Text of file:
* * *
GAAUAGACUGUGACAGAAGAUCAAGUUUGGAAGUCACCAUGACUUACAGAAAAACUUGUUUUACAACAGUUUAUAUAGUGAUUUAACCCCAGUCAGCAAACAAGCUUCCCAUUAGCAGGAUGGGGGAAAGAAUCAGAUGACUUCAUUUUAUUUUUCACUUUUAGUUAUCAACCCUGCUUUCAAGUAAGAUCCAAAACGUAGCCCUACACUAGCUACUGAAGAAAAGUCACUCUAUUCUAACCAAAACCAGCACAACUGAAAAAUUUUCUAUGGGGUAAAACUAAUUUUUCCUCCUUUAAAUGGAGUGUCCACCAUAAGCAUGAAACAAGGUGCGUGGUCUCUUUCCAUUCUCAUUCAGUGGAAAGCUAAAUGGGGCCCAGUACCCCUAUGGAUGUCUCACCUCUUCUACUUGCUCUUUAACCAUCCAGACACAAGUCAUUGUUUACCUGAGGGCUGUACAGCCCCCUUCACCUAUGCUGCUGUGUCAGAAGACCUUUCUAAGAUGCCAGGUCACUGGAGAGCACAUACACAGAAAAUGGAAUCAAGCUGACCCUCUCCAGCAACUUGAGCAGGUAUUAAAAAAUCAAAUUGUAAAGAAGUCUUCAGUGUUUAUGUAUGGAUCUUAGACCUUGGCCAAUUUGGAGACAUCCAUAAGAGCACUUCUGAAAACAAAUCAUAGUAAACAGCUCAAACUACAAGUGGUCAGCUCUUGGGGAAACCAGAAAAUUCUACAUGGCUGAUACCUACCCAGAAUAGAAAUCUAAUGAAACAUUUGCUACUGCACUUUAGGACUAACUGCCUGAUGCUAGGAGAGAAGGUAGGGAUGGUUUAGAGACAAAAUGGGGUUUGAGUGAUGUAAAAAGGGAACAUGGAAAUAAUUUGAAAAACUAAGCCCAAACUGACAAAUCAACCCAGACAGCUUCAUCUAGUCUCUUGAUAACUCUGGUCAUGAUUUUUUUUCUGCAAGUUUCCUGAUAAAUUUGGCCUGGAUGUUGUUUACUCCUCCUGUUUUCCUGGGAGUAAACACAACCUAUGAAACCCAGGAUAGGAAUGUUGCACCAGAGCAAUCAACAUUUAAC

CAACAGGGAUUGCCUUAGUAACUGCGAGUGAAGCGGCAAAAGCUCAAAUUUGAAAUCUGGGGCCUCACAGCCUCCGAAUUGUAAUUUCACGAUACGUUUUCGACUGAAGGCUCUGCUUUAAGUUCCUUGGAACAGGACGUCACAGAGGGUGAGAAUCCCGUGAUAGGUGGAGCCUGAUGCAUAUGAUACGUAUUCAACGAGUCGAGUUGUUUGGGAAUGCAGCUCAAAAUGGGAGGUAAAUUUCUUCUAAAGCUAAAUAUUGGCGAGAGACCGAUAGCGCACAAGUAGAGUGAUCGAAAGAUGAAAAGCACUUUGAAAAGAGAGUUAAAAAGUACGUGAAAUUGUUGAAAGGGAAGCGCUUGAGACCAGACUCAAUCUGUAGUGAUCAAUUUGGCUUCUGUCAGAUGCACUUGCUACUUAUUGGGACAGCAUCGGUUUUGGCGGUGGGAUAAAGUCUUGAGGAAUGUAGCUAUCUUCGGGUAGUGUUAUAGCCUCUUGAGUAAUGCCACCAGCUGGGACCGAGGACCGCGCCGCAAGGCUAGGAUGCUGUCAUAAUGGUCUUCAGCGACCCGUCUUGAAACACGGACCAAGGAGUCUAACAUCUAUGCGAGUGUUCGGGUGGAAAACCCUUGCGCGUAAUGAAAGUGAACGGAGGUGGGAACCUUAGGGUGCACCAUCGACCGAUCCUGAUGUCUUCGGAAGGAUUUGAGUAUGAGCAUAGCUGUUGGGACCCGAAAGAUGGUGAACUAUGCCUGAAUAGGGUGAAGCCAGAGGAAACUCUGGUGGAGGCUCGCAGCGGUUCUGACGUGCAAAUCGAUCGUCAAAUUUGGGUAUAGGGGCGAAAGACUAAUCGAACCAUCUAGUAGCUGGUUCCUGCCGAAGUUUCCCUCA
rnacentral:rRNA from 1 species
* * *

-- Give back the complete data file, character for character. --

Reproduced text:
GAAUAGACUGUGACAGAAGAUCAAGUUUGGAAGUCACCAUGACUUACAGAAAAACUUGUUUUACAACAGUUUAUAUAGUGAUUUAACCCCAGUCAGCAAACAAGCUUCCCAUUAGCAGGAUGGGGGAAAGAAUCAGAUGACUUCAUUUUAUUUUUCACUUUUAGUUAUCAACCCUGCUUUCAAGUAAGAUCCAAAACGUAGCCCUACACUAGCUACUGAAGAAAAGUCACUCUAUUCUAACCAAAACCAGCACAACUGAAAAAUUUUCUAUGGGGUAAAACUAAUUUUUCCUCCUUUAAAUGGAGUGUCCACCAUAAGCAUGAAACAAGGUGCGUGGUCUCUUUCCAUUCUCAUUCAGUGGAAAGCUAAAUGGGGCCCAGUACCCCUAUGGAUGUCUCACCUCUUCUACUUGCUCUUUAACCAUCCAGACACAAGUCAUUGUUUACCUGAGGGCUGUACAGCCCCCUUCACCUAUGCUGCUGUGUCAGAAGACCUUUCUAAGAUGCCAGGUCACUGGAGAGCACAUACACAGAAAAUGGAAUCAAGCUGACCCUCUCCAGCAACUUGAGCAGGUAUUAAAAAAUCAAAUUGUAAAGAAGUCUUCAGUGUUUAUGUAUGGAUCUUAGACCUUGGCCAAUUUGGAGACAUCCAUAAGAGCACUUCUGAAAACAAAUCAUAGUAAACAGCUCAAACUACAAGUGGUCAGCUCUUGGGGAAACCAGAAAAUUCUACAUGGCUGAUACCUACCCAGAAUAGAAAUCUAAUGAAACAUUUGCUACUGCACUUUAGGACUAACUGCCUGAUGCUAGGAGAGAAGGUAGGGAUGGUUUAGAGACAAAAUGGGGUUUGAGUGAUGUAAAAAGGGAACAUGGAAAUAAUUUGAAAAACUAAGCCCAAACUGACAAAUCAACCCAGACAGCUUCAUCUAGUCUCUUGAUAACUCUGGUCAUGAUUUUUUUUCUGCAAGUUUCCUGAUAAAUUUGGCCUGGAUGUUGUUUACUCCUCCUGUUUUCCUGGGAGUAAACACAACCUAUGAAACCCAGGAUAGGAAUGUUGCACCAGAGCAAUCAACAUUUAAC

CAACAGGGAUUGCCUUAGUAACUGCGAGUGAAGCGGCAAAAGCUCAAAUUUGAAAUCUGGGGCCUCACAGCCUCCGAAUUGUAAUUUCACGAUACGUUUUCGACUGAAGGCUCUGCUUUAAGUUCCUUGGAACAGGACGUCACAGAGGGUGAGAAUCCCGUGAUAGGUGGAGCCUGAUGCAUAUGAUACGUAUUCAACGAGUCGAGUUGUUUGGGAAUGCAGCUCAAAAUGGGAGGUAAAUUUCUUCUAAAGCUAAAUAUUGGCGAGAGACCGAUAGCGCACAAGUAGAGUGAUCGAAAGAUGAAAAGCACUUUGAAAAGAGAGUUAAAAAGUACGUGAAAUUGUUGAAAGGGAAGCGCUUGAGACCAGACUCAAUCUGUAGUGAUCAAUUUGGCUUCUGUCAGAUGCACUUGCUACUUAUUGGGACAGCAUCGGUUUUGGCGGUGGGAUAAAGUCUUGAGGAAUGUAGCUAUCUUCGGGUAGUGUUAUAGCCUCUUGAGUAAUGCCACCAGCUGGGACCGAGGACCGCGCCGCAAGGCUAGGAUGCUGUCAUAAUGGUCUUCAGCGACCCGUCUUGAAACACGGACCAAGGAGUCUAACAUCUAUGCGAGUGUUCGGGUGGAAAACCCUUGCGCGUAAUGAAAGUGAACGGAGGUGGGAACCUUAGGGUGCACCAUCGACCGAUCCUGAUGUCUUCGGAAGGAUUUGAGUAUGAGCAUAGCUGUUGGGACCCGAAAGAUGGUGAACUAUGCCUGAAUAGGGUGAAGCCAGAGGAAACUCUGGUGGAGGCUCGCAGCGGUUCUGACGUGCAAAUCGAUCGUCAAAUUUGGGUAUAGGGGCGAAAGACUAAUCGAACCAUCUAGUAGCUGGUUCCUGCCGAAGUUUCCCUCA
rnacentral:rRNA from 1 species